FDA Webinar on Accelerated Approval Summary

 

 

CureDuchenne was honored to host a webinar today, in collaboration with PPMD and MDA to discuss accelerated approval for drugs for rare diseases.   Dr. Robert Temple, director of the Office of Medical Policy of FDA’s Center for Drug Evaluation and Research presented detailed information on the different options available to speed the approval of drugs.  Dr. Temple also answered questions posed by the 277 participants who logged on to today’s webinar.

To logon to the recorded webinar please click here:

http://support.cureduchenne.org/site/PageNavigator/FDAWebinar.html

A quick summary of today’s discussion:

  •  The FDA Safety and Innovation Act (aka FDASIA) amends the expedited drug development and review process by providing a fast track designation for drugs with “serious or life-threatening disease” indications and those defined as “breakthrough therapies.”
  • Breakthrough designation, fast-track designation, and the accelerated approval process are expedited review programs that primarily differ in the effectiveness      that the product must demonstrate against a serious or life-threatening disease or condition.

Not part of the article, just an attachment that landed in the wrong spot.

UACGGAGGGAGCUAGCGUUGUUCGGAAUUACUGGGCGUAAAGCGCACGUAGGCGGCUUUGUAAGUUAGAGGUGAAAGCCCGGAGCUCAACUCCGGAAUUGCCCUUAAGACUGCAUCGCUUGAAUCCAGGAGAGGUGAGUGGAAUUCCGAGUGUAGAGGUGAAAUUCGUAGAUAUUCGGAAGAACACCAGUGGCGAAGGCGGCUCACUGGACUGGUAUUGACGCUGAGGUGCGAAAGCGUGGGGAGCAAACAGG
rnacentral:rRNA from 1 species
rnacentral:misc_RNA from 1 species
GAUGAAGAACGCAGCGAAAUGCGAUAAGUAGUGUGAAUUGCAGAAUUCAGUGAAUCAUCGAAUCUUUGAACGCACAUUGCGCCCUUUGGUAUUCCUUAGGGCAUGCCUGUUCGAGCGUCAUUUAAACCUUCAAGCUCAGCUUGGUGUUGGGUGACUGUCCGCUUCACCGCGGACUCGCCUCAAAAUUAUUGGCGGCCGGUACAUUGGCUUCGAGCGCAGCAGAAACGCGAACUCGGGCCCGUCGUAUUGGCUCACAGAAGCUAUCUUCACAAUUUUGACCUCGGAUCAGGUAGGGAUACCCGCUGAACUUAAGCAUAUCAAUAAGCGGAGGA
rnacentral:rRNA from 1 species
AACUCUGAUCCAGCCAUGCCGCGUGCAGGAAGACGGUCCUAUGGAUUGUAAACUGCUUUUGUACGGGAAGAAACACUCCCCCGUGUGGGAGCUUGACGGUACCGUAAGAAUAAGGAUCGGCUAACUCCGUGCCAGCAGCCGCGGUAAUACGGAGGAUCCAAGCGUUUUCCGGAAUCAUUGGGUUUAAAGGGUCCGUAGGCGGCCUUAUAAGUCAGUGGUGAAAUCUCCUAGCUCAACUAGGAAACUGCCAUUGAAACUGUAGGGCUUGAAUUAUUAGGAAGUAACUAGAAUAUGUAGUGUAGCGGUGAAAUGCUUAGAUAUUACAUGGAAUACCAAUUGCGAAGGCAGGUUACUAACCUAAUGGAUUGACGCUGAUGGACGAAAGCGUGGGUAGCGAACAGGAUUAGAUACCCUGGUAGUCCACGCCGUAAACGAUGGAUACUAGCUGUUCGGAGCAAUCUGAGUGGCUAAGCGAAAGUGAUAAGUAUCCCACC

• For designation as a breakthrough therapy, preliminary clinical evidence must indicate that that the drug may demonstrate substantial improvement over existing therapies on one or more clinically significant endpoints. Drugs that are given breakthrough therapy designation will benefit from (among other things) an organizational commitment from the FDA involving senior FDA managers and experienced review staff.
  • A fast-track product must demonstrate the potential to address unmet medical needs.
  • For accelerated approval, there must be evidence that the product has an effect on an endpoint that is reasonably likely to predict clinical benefit (i.e. an effect on a clinical endpoint other than survival or irreversible morbidity).
  • Accelerated approval includes fast track products indicated for a serious or life-threatening  disease or condition, and approval under this mechanism comes with a requirement that the drug be studied post-approval to confirm its clinical benefit.
  • Priority review means review and action on the application no later than six months after FDA’s receipt of the application.
  • The FDA does not require a phase lll trial, their focus is on having enough data available to make the best decisions.
  • Patients/Parents can contact the FDA through the  Office of Special Health Issues:  oshi@oc.fda.hhs.gov, 301-796-8460

I’d like to thank Dr. Temple, Dr. Pariser, Mr. Bauer and Ms. Furia-Helms from the FDA and also Dr. Michael Kelly and Karen Harley at CureDuchenne for facilitating this webinar.  We are hopeful that we will have drugs for our kids very soon, and it will take a team to make it happen.

Thank you so much!

Debra Miller